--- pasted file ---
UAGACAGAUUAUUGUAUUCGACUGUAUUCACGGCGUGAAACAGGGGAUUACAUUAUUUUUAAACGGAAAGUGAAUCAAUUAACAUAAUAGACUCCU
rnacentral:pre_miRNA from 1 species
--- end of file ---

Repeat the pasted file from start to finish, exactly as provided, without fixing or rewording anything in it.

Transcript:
UAGACAGAUUAUUGUAUUCGACUGUAUUCACGGCGUGAAACAGGGGAUUACAUUAUUUUUAAACGGAAAGUGAAUCAAUUAACAUAAUAGACUCCU
rnacentral:pre_miRNA from 1 species